Factors to Keep In Mind If You Need a Loan for Your Small Business

During the recession in 2007-2008, all credit unions and banks changed their lending standards significantly. They did this in order to save money instead of giving the money to substandard businesses. This made obtaining loans from a bank quite a difficult task for small business entrepreneurs.

However, in order to fill in the void left by banks stepping back, alternative lenders rose to the surface. These alternative lenders helped provide working capital to smaller businesses that do not need granted loans from a bank.

In order to successfully get funding from these alternative lenders, here are the top four factors to keep in mind.

  1. Credit Score

If you are a small business owner, it is essential for you to have the highest credit score as possible. A business owner having a 20 percent or more interest in the company must have a good personal credit score in order to get loans for their small business. However, alternative lenders loan money to business owners having a credit score of 500 or lower. Better rates are there for business owners having a credit score higher than 750.

Small business owners having a high credit score are able to get loans directly from the bank, but they still chose to get loans from alternative lenders. They opt for alternative lenders because the funding process is much easier and faster as compared to conventional bank channels of funding. Before the availability of alternative lenders, small business owners having bad credit receiving a loan from banks was close to impossible. Fortunately, it has become much easier to get a loan as compared to before. You can now seek the help of platforms like Orumfy, one that can help you to search for a suitable loan to meet your business needs.

  1. Operational Duration of Business

In the case, that a business has been in operation for a duration shorter than two years, this falls under the category as a start-up. Start-up businesses are normally ineligible to be receive grant for a conventional bank loan. In order to qualify a loan, one of the bank’s main requirements is for the business to be operational for more than just two years. Alternative lenders are able to provide funds regardless of the operational duration of the business. Loans are available to businesses that have only been operational for a couple of months by alternative lenders. The amount of money loaned to the business by the alternative lenders is one that is because of how much revenue the business brings in per month.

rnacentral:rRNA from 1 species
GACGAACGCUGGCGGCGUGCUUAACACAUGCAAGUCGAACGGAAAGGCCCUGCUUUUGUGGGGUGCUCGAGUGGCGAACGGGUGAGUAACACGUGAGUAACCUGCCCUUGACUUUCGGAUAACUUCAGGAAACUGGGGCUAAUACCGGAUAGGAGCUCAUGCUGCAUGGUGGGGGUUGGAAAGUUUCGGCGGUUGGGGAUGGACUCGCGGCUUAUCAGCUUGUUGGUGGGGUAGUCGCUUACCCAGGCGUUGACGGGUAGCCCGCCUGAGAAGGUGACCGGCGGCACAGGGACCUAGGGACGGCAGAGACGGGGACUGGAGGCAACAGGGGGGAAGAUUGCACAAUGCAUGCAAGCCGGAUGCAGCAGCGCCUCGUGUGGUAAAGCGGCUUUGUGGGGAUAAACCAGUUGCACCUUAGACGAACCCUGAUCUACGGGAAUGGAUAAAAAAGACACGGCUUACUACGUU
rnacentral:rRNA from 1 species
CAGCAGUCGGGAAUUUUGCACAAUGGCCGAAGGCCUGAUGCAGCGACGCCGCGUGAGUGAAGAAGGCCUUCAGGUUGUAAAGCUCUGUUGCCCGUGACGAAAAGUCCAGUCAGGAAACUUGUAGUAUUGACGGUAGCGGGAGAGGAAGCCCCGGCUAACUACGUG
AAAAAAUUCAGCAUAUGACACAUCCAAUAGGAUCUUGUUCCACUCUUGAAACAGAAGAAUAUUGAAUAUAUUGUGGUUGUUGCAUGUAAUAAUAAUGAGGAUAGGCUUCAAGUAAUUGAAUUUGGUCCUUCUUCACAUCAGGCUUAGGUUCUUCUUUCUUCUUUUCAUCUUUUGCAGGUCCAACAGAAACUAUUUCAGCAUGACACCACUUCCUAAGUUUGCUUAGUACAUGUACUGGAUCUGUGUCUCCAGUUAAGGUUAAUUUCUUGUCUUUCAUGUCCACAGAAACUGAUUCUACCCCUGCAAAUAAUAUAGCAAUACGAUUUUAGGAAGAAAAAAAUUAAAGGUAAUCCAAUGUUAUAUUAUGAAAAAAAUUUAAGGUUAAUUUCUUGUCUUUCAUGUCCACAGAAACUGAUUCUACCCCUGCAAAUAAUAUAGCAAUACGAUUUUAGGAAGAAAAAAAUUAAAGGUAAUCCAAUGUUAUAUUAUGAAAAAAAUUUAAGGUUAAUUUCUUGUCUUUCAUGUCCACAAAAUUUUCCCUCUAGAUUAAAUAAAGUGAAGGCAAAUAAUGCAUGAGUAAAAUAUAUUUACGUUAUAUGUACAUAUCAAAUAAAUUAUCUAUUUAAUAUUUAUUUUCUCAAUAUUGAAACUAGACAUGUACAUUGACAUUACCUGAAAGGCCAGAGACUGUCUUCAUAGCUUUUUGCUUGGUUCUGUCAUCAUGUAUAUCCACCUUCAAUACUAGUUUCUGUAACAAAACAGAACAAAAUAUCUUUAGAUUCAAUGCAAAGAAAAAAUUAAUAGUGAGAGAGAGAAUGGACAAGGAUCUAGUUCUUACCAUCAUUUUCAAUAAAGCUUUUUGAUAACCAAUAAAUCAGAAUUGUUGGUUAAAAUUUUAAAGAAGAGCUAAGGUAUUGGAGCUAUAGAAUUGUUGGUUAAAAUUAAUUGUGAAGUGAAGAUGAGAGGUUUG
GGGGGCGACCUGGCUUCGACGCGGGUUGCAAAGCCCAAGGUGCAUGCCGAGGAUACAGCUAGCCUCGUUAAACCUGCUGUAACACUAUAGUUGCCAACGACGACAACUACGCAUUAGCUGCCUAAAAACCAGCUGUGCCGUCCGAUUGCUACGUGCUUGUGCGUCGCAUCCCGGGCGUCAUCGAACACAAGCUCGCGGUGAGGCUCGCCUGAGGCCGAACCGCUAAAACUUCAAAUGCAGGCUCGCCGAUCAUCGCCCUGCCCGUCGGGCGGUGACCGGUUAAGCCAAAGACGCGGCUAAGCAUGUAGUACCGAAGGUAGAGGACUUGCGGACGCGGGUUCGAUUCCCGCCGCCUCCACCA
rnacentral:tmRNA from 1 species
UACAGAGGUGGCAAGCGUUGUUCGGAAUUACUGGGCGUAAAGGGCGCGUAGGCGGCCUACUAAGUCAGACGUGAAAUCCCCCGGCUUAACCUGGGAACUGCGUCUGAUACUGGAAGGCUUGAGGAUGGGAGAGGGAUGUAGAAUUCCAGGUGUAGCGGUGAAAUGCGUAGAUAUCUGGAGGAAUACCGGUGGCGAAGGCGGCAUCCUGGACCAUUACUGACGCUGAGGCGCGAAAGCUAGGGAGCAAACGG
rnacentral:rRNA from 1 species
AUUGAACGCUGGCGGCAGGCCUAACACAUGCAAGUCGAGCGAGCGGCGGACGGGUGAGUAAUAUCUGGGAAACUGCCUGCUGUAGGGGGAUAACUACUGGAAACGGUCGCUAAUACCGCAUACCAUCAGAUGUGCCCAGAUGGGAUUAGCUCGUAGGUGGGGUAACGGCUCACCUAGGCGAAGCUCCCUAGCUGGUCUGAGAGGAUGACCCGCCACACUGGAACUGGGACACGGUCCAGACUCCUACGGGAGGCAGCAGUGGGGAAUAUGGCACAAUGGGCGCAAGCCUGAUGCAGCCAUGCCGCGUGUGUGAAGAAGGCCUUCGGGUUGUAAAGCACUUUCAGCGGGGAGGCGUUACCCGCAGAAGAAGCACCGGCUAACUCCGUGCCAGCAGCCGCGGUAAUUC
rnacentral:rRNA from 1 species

The longer the duration a business has been operational the higher the chance of receiving a loan. Fortunately, for businesses that have been in the works for more than two years are at an advantage, as they will be granted loans more readily and may receive more money. In order to obtain loans based on more structured terms, it is required of a business to have crossed the two-year line.

  1. Monthly Revenue

Owners of Small businesses that have been running for two years or less need to be creating a revenue of more than $5,000 in order to be eligible for receiving funding. An arbitrary amount of revenue generation does not guarantee that the business will receive the funding.

An important determinant in obtaining funding is the amount of daily balance in your business’s bank account. This average balance will play a huge role in determining how much funding you will be receiving, regardless of the lender. Not only does it determine the total funding you will receive, but it also determines the time span of when the business would receive funding and how the funding will divide over that time duration.

  1. Collateral

There are a large number of assets that may serve as collateral, helping in securing a loan from alternative lenders or banks. The amount and type of collateral largely depend on the type of business you are taking the loan for.

By keeping the collateral, a sense of accountability is present in the borrower of paying back the money to the lender. In addition to this, it can help relax the lender that in the case that the business is liquidated, they are entitled to some money back that they’ve invested or loaned. This removes some hesitation a loaner would feel while funding a business.

Deposits

Keeping deposits as collateral is a viable option for both hardened business and start-ups. All money deposited in your business bank account.

Equipment

If you use equipment as collateral, this means that in the case that you are unable to pay back the loans; you are under obligation to sell the equipment to the respective equipment leasing companies. Those companies will in turn hand you a sum of money depending on the usefulness of the machines, or the equipment condition. The company then officially owns the equipment but the equipment then leases back to the business and when the leasing period is over, the company takes the equipment.

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